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July 17, 2012 6:00 pm
One Man, Two Guvnors, the London import currently on Broadway, now has competition as the funniest evening with a New York address. Molière’s The Imaginary Invalid, adapted and directed by Erica Schmidt, vies equally for big laughs – and frequently achieves them. The downside to this sleek, 100-minute, interval-less evening, at least for city folk, is that it is taking place only until Sunday in upstate New York, a two-and-a-quarter-hour drive from Manhattan.
But the Richard B. Fisher Center for the Performing Arts, at Bard College, where the Molière is delighting audiences as part of Bard Summerscape, is an architectural gem worth the trek. And I have never seen a designer – Laura Jellinek, in this instance – use the Frank Gehry space more imaginatively. The audience sit on either side of an elevated platform, indicating a 17th-century French home, and observe characters underneath go about their scheming business.
All parts are played by men, a conceit that always has me wondering why so few professional productions are entirely women. But I would happily see Molière done by a pack of dachshunds if the results were half as hilarious as they are here.
Peter Dinklage is Toinette, the quintessentially pert maid to hypochondriac Argan; Ethan Phillips assumes the role in which Molière himself collapsed onstage in February 1673, dying a few hours later. Argan wishes his daughter, Angélique, to marry a doctor rather than Angélique’s choice, Cléante. Aiding in the effort to derail Argan’s plan is his brother, Béralde, whose interpreter, Mark Junek, provides impeccable underplaying to counter the lunacy of the rest of the ensemble.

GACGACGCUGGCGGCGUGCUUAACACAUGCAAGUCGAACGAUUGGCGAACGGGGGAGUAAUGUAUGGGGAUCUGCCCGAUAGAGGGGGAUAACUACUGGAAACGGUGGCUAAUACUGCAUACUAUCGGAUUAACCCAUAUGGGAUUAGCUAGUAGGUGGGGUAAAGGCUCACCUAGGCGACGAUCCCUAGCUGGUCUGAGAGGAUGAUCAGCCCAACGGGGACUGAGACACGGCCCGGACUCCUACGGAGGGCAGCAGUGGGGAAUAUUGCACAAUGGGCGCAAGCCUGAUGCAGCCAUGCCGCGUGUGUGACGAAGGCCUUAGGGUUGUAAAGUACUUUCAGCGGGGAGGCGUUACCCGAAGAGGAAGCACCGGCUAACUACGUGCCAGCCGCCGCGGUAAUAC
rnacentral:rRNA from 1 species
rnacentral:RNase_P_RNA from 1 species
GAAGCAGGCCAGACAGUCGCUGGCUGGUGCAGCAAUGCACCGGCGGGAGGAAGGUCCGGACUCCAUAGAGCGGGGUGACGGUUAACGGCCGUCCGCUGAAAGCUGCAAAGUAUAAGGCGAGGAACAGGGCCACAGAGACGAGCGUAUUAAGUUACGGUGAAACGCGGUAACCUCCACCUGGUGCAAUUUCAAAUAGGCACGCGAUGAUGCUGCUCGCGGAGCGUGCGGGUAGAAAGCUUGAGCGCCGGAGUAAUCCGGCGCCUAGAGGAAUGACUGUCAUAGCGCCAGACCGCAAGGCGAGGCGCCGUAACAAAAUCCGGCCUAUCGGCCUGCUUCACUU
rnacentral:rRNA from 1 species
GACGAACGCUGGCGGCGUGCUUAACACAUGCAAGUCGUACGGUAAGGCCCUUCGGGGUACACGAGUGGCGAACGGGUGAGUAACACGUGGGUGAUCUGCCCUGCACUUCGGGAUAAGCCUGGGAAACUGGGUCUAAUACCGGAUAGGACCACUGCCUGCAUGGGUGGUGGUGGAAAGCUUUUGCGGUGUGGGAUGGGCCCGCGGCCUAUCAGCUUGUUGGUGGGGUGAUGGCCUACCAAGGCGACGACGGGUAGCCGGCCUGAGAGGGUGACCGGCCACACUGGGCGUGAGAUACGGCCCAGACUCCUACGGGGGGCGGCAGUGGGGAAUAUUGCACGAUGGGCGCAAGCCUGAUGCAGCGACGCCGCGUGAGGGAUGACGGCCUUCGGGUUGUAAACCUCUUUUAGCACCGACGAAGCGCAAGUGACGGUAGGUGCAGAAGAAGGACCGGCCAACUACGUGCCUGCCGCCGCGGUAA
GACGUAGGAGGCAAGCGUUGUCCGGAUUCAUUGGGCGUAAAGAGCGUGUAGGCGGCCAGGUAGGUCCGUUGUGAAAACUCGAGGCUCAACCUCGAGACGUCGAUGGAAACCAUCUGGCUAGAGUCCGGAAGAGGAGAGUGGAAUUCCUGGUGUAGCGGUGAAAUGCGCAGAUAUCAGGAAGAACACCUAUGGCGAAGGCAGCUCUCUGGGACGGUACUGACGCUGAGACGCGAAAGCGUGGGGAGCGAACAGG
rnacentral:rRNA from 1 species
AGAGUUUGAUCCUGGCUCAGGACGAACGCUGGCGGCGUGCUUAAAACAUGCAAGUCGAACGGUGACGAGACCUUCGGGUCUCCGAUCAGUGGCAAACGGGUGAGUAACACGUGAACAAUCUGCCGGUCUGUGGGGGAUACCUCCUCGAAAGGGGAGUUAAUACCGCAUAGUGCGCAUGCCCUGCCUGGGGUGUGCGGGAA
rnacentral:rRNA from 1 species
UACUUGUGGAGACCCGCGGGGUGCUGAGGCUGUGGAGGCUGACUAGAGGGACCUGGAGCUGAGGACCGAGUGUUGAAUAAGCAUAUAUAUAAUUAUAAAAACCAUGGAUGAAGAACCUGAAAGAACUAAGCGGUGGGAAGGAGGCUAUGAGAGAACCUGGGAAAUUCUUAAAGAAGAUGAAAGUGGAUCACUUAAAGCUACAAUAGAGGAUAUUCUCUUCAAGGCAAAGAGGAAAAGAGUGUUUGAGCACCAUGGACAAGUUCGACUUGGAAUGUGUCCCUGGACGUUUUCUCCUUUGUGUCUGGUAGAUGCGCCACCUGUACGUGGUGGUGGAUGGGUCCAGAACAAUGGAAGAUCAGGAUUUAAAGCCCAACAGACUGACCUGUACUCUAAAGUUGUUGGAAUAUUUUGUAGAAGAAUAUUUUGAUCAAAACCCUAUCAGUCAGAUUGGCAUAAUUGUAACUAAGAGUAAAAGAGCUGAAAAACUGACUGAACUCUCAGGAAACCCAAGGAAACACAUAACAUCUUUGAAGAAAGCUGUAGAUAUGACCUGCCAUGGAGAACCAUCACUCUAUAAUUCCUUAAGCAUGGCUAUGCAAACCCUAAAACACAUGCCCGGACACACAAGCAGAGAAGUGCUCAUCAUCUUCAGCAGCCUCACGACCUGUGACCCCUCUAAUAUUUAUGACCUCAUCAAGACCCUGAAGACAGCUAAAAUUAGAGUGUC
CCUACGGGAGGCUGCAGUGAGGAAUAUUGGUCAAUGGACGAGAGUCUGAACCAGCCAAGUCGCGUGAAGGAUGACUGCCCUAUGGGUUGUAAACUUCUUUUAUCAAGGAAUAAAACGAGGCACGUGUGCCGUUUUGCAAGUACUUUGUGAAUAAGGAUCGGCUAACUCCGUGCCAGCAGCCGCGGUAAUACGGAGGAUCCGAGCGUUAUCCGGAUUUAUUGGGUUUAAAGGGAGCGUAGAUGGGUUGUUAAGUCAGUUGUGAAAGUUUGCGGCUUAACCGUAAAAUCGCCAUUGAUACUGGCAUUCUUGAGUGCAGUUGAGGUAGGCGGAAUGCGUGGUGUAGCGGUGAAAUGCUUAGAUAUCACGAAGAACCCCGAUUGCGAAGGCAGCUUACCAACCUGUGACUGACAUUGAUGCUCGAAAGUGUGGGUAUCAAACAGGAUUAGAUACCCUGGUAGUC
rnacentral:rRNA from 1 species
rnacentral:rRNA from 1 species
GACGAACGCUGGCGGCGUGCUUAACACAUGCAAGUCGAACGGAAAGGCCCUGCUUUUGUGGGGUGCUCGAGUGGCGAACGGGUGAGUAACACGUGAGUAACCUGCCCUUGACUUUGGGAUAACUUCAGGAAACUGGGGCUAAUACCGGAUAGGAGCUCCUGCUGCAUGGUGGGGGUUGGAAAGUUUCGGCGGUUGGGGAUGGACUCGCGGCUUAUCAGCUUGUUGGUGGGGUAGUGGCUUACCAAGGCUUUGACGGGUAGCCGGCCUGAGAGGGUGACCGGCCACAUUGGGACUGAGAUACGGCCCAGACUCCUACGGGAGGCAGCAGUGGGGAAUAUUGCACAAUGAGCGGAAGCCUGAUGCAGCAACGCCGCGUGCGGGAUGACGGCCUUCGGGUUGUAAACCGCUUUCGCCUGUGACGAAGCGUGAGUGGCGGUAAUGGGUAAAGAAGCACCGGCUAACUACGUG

Part of the beauty of this Invalid is the fluency with which Schmidt marries period detail with contemporary intonations. Argan’s medical treatments, for example, carry a homeopathic overtone. (They are also frequently scatological.) Another part of the beauty is the sparring among the cast, especially Henry Vick as Thomas Diaforius and Danny Binstock as Cléante.
The chief reason to book the bus to Bard is Dinklage. I’ve watched him work his way through classic and contemporary roles off-Broadway over the past decade, acquitting himself sometimes passably, sometimes brilliantly. When he achieved wide fame over the past year in the first two seasons of television’s Game of Thrones, often outshining members of London’s theatrical royalty, I was not surprised. You simply don’t mess with his Tyrion Lannister on that programme – unless you want your head on a pike. The risks involved in attempting to thwart his Toinette are less treacherous, but only barely.
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